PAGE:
“The Primadonna of the Century” is how Marcel Prawy, chronicler of the Vienna Opera, described soprano Maria Jeritza (1887 – 1982). It is no exaggeration. “It is very difficult,” he lamented, “to describe what Jeritza was like to a generation that never saw her in her great days with her tremendously erotic aura and her positively volcanic voice.”1
Born in what is today the Czech Republic, Jeritza made her operatic debut as Elsa in Lohengrin in 1910 at the Municipal Opera of Olomouc. Within a year she had moved on to the Vienna Volksoper. During the summer of 1912 she sang Rosalinde in Die Fledermaus at the spa resort of Bad Ischl, where Franz Josef, Emperor of the Austro-Hungarian Empire, happened to be in the audience. “Why is this ravishing creature with the heavenly voice not singing in my opera house?” he demanded.2 A few months later she was.
Her debut at the Imperial Opera of Vienna (as it was then known) was in a now-forgotten opera called Aphrodite by Max Oberleitner. She did the role “in a degree of nudity that the house had never seen before,” Prawy wrote. “Here as everywhere she took the audience by storm.”3 It was also in 1912 — only two years after beginning her career — that she created the title role of Richard Strauss’s opera Ariadne auf Naxos. It was the beginning of a long association with Strauss: she also sang Ariadne in the 1916 version of the opera, then went on to create the Empress in Die Frau ohne Schatten (1919), a role written for her, as was the title role in Die Ägyptische Helena (1928), which she sang in both Vienna and New York.
The year after Jeritza created Strauss’s Ariadne, she sang the Viennese première of Puccini’s La Fanciulla del West and met the composer, who promptly became one of her adoring fans. At one point Puccini wrote to Giulio Gatti-Casazza, General Manager of the Metropolitan Opera from 1908 to 1935, saying he was writing an opera called Turandot which would have good roles in it for Jeritza and tenor Beniamino Gigli.4
The controversy between Jeritza and Rosa Raisa over which of them Puccini wrote Turandot for spilled over into the newspapers shortly before the New York première. Jeritza even went so far as to show a reporter for the New York Sunday News her autograph album, in which Puccini had written (according to Jeritza’s own translation): “To the artist of highest genius in the unreachable Tosca and I hope in the unsurpassable Turandot, in admiration and friendship, Giacomo Puccini.”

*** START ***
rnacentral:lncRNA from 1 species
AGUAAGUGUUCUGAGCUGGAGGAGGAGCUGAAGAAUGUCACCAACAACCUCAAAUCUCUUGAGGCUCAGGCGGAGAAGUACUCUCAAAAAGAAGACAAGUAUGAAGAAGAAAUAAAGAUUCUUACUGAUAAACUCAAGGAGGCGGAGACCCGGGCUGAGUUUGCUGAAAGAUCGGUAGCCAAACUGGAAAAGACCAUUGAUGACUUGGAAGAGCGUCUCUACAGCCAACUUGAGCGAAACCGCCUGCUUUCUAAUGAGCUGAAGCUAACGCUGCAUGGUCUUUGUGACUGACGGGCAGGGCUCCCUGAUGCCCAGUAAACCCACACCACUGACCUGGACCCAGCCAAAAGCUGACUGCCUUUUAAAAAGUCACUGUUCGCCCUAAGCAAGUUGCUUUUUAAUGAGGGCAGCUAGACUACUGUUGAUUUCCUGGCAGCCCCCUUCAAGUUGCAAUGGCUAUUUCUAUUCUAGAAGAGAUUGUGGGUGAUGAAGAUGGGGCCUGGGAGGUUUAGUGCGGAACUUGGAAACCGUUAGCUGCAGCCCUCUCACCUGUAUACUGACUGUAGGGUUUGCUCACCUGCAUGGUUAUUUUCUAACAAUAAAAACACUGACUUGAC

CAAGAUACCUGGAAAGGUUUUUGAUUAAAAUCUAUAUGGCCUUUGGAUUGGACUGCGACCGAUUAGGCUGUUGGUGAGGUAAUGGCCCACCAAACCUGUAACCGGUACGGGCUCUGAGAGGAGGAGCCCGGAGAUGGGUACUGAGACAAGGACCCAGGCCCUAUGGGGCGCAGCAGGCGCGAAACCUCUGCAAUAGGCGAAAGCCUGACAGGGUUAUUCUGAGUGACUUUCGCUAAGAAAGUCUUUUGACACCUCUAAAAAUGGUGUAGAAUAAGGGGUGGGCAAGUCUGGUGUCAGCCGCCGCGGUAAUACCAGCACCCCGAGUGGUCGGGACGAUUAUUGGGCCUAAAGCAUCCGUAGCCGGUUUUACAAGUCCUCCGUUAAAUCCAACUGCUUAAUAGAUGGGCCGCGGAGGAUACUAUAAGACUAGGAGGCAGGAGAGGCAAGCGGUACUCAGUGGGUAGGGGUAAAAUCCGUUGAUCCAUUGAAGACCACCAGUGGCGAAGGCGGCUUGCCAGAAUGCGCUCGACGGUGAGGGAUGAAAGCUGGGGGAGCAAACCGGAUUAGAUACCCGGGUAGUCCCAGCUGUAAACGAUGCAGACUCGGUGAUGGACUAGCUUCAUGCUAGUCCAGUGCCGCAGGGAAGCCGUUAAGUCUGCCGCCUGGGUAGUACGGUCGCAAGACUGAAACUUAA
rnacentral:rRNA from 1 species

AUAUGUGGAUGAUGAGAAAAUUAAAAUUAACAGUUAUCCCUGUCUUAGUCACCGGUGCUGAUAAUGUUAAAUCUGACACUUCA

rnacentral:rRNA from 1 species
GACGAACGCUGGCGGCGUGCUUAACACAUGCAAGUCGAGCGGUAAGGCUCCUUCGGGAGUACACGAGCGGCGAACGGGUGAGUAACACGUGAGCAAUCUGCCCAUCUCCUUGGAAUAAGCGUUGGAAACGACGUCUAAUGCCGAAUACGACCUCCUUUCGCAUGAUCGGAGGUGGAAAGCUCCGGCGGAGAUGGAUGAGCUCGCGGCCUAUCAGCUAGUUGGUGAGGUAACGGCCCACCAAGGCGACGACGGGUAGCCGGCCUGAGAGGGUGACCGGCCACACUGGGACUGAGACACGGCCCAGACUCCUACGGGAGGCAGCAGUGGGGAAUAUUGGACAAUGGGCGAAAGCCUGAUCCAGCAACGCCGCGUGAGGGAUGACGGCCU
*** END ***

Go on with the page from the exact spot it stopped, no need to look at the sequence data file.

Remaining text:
“Of course Puccini wrote the opera for me,” Jeritza said. “That is an open secret which the whole musical world knows for a fact.” To which Raisa countered, “If Puccini wrote ‘Turandot’ for Mme Jeritza, why did he not select her to create the title role?” Jeritza responded by explaining that Puccini had seen her many times in 1924 and had told her he wanted to write the score for her and he wanted her to sing the first performance in German in Vienna, but she could not because of an engagement in Cherbourg.5 (Why Jeritza thought anyone would believe she would give up such a plum assignment as creating a Puccini role in Vienna in favor of singing in an operatic hinterland like Cherbourg must forever remain one of the mysteries of the diva mind.)
The Chicago Opera company released a photostatic copy of a telegram from Angelo Scandiani, impresario of La Scala, dated October 7, 1924, stating, “Glad to announce [to] you that Maestro Puccini and Toscanini selected Raisa and [Edith] Mason for the creation of the two female roles of Turandot next April at La Scala.”6 A spokesman for the Metropolitan said Puccini told Gatti-Casazza, “My dream is that Jeritza will create the role.”7
“I want no quarrel,” Jeritza said. “That would be too silly.” Then she added, in perfect prima donna style, “Even if Puccini wrote Turandot for me, every soprano all over the world must sing it. I cannot go every place to sing the role. Raisa must sing it in Chicago.”8